"I have been over into the future, and it works."
Muckraking journalist Lincoln Steffens' famous -- and dead wrong -- observation after visiting the Soviet Union in 1921 applies to Thursday's experience as a judge in one round of the California Newspaper Publishers Association's Better Newspaper Contest.
This time, Steffens' comment is true. The future, and the present, state of newspaper journalism in California is doing just fine, thanks.
With Brian Feulner, the Lodi News-Sentinel's chief photographer (/www.theintrepidsoul.com/), as a compatriot, we judged three categories of photojournalism for medium-sized and large dailies and special sections from dailies with circulations of 25,001 to 75,000.
The entries reassured a young and an old newsie. Despite the financial straitjacket still squeezing our industry ... despite the unparalleled challenges of finding a business model that works with digital media ... despite the IEDs -- Internet Explosive Demands -- detonating in the blogosphere ... despite all that and more, California's newspapers are committing serious, useful and original journalism.
We found images and words -- in print! -- that give all of us still practicing the craft renewed confidence in the excellence of, and need for, storytelling by pros.
Those of us who haunt blogs and who land on the online comments planet know that human communication is now more immediate and adversarial than ever. At the Sun-Star, we embrace the new platform of avatar-starred comments on our work, pro and con. Our reporters, photographers and editors know we must meet you, our audience, on whatever ground you choose.
In return, we want you to read and watch and listen to what we do as journalists. We've got a lot of rules we work by. They can be summed up in three words -- accuracy, accuracy, accuracy.
The best obtainable version of the truth, as Watergate reporter Carl Bernstein puts it.
When we fail, you'll read our corrections and clarifications.
That accountability is more honored in the breach than in the observance throughout the blogosphere.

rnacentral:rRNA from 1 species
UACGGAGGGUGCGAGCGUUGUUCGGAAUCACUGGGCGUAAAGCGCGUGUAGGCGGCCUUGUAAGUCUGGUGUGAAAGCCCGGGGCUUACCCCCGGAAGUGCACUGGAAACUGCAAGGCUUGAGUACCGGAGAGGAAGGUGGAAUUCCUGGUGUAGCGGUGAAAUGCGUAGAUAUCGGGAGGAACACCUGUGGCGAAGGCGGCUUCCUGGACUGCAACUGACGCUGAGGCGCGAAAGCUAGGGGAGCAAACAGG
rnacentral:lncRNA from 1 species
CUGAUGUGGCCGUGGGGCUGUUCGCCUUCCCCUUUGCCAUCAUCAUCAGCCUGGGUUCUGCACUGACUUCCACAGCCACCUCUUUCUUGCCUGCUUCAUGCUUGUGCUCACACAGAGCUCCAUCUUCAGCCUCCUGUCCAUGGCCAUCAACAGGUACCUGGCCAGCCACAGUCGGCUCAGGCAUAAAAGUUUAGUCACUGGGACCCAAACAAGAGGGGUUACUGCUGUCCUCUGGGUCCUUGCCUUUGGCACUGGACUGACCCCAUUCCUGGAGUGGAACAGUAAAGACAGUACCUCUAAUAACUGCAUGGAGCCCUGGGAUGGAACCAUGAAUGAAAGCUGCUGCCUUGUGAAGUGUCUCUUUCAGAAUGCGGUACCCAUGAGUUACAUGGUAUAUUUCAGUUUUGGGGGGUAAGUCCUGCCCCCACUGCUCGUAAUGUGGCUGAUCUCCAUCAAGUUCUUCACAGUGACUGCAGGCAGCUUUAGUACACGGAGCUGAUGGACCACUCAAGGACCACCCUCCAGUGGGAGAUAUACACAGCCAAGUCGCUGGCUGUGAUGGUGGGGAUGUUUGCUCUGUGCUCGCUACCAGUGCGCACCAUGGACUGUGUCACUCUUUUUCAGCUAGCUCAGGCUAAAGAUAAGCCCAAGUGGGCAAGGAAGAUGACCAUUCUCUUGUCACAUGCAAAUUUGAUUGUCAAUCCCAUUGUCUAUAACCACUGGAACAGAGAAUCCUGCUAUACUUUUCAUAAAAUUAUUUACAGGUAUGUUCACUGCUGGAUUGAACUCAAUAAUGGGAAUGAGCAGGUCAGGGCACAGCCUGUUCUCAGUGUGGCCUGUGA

Whether you believe us is all that matters.
That came through Lima Charlie, loud and clear in military-speak, from the entries we judged in Sacramento.
Here are the standards for the photojournalism we reviewed: visual impact; storytelling quality; content and composition; technical quality. We graded images on a point system according to how they met those standards.
"You're seeing the best of the best," Bryan Clark of CNPA told us before we started. Later, other judges from across the country will take another whack at our choices. "They'll see how good California journalism is," Clark added.
Brian from Lodi is a stud photojournalist. His critiques were informed by his own skills. He's also a surfer, a mountain climber, a hiker, an adventurer. His fellow judge learned in the darkroom of the best teacher of photojournalism of his generation, Rich Clarkson, in Topeka (www.richclarkson.com).
We eliminated and forwarded entries based on Brian's expertise as a shooter and his partner's four decades of experience.
What made the session most reassuring were the special section entries that mirror the journalism we practice at the Sun-Star.
The standards for judging were: worthiness of purpose; quality of writing, usefulness of information; graphic design, use of photos; originality of concept.
The entries ranged from 10 to 52 pages. Three of the 13 entries struck us as keepers. One was a 24-page section citing chapter and verse of the numerous corruption scandals that have plagued a county for years. Elected and appointed officials on the take. FBI called in. Indictments. Convictions. Scandals as recent as when the section went to press last year.